Most useless college degrees you can get

While colleges are still the primary place to learn about the world and prepare for your career, the value of college education has greatly decreased lately. More and more employers are looking for skills and talents, not diplomas.

Let’s take a look at 5 subjects demonstrating that sometimes university education is completely useless for your career.

Fine Arts


Getting a degree in fine arts, whether you are into music, sculpture or performance arts has always been a questionable decision.The biggest problem with it is probably the dependance on your professors’ opinions: art is subjective, after all.

The employment chances are not too high, either. According to the research by Projections Central, employment for artists from 2012 to 2022 in the United States would decrease by as much as 1.5%. And even if you get a job, you probably should not expect to make a fortune: even though famous artists, actors and photorgaphers are millionaires, annual median wage for a photographer in the US was $29,280 in 2013, fine artists made about $42,610.

Most importantly, you do not have to spend 4 years in college to become an artist. Practicing on your own, reading about history of your field of interest and taking a few studio classees could work just as effectively, if you put enough time in creating and performing.

Journalism and Communications


The biggest issue Journalism and Communication majors face is the rapid changes occuring in the media industry today. Newspaper and television industries, on which many journalism classes are focused, are becoming less and less influential, and even the “traditional” websites are switching to new, more social formats. The educators usually can’t keep up with these changes.

If you look at biographies of famous journalists, you will notice that most of them didn’t study journalism at school. Turns out, what matters to the media is your experience, writing and communication skills and ability to see the story. You can still become a journalist or pursue a career in communications without a degree.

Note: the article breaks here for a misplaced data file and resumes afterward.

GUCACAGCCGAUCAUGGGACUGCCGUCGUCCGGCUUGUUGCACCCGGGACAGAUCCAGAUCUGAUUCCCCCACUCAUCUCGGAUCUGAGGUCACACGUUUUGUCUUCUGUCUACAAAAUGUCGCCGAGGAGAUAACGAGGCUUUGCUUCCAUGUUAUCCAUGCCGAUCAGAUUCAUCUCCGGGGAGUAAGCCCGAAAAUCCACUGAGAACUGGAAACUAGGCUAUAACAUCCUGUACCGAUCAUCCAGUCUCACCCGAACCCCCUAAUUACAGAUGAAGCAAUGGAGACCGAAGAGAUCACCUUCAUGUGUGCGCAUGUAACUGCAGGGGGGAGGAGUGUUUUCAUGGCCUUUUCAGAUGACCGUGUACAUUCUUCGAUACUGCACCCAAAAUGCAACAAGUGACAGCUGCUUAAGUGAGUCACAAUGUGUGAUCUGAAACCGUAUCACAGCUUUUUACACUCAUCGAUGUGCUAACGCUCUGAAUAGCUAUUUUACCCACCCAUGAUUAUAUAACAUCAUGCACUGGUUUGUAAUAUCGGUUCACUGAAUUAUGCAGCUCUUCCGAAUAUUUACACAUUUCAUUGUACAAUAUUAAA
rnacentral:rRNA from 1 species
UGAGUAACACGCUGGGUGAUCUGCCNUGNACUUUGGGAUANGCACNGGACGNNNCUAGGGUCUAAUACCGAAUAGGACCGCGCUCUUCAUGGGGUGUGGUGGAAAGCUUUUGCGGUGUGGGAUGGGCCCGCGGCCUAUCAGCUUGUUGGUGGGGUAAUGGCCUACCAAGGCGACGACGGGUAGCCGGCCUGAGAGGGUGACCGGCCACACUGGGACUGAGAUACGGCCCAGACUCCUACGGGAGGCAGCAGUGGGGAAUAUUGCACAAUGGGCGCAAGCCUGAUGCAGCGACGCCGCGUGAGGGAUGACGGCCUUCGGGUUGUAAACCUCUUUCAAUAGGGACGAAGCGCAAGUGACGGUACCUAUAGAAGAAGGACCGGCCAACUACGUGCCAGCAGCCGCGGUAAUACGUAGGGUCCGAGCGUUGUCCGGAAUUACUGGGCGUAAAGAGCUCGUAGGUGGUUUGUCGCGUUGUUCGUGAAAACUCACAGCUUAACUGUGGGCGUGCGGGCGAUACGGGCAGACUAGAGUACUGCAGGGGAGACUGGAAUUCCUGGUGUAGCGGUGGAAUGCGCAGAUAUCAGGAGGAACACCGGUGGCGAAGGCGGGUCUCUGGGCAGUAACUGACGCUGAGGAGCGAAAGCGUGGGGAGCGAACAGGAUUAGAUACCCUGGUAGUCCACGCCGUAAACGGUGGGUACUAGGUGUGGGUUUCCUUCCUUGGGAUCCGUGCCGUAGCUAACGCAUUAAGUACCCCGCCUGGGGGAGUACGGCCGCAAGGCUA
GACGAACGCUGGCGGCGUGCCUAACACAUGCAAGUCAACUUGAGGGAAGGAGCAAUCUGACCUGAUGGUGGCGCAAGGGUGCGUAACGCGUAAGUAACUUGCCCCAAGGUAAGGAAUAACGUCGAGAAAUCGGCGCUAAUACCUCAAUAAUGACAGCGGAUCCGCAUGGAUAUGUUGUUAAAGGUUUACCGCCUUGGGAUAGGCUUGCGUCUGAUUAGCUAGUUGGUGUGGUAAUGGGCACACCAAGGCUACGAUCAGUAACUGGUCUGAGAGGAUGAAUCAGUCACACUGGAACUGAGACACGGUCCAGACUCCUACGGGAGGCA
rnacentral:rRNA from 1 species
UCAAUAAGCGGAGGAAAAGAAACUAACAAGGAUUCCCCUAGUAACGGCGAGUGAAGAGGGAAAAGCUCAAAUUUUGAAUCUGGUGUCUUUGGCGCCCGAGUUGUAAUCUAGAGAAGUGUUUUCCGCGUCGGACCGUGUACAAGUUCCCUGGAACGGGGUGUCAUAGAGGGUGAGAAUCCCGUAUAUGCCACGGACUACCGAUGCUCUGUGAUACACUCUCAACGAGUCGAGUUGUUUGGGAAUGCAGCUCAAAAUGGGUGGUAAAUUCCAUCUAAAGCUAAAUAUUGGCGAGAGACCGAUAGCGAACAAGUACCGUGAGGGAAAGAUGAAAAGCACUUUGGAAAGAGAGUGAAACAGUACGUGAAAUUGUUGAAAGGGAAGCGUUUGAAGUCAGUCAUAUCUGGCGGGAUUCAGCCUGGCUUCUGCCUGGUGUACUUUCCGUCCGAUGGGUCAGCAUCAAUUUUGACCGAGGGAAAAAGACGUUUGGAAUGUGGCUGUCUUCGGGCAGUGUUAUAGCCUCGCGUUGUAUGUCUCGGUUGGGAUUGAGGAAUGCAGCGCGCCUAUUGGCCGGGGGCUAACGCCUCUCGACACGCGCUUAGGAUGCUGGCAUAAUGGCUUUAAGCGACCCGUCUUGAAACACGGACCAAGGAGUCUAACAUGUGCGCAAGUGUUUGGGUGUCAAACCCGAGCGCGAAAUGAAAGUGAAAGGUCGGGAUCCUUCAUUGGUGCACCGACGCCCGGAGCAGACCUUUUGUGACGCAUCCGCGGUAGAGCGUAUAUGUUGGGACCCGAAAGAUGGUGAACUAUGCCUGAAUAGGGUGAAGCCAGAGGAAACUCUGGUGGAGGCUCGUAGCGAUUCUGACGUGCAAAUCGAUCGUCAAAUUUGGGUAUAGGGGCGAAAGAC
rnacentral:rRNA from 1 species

Computer Science


Ever wondered why most of the tech superstars, from Bill Gates to Mark Zuckerberg,  are college dropouts? Much like fine arts, becoming a successful developer or engineer takes a lot of practicing on your own (although the chances of getting of well-paid job after learning Computer Science are definetely higher). If you want to learn how to code, check out free resourses, such as Treehouse or Codeacademy, and start building your own software or websites. Besides, this way you will be able to stay ahead of the latest trends — who knows how many years will pass until your college professors will know about them?



Unemployed Philosophy major, who is quietly contemplaiting existence over a cup of instant noodles has become a cliche in popular culture, and there is a good reason for it.

The only way you can make money after getting a Philosophy degree is teaching philosophy to other people. Unless you are sure that is what you want to do, try reading books on the subject and works by philosophers of the past instead.



Today, with the rise of online education, nearly anyone can become a teacher. All you need is a skill and the desire to share these skills with other people. Joining a teaching platform, starting a teaching channel on YouTube or even creating your own online course can be just as rewarding as teaching the old-school way. And, potentially, this way you are able to impact the lives of millions of people.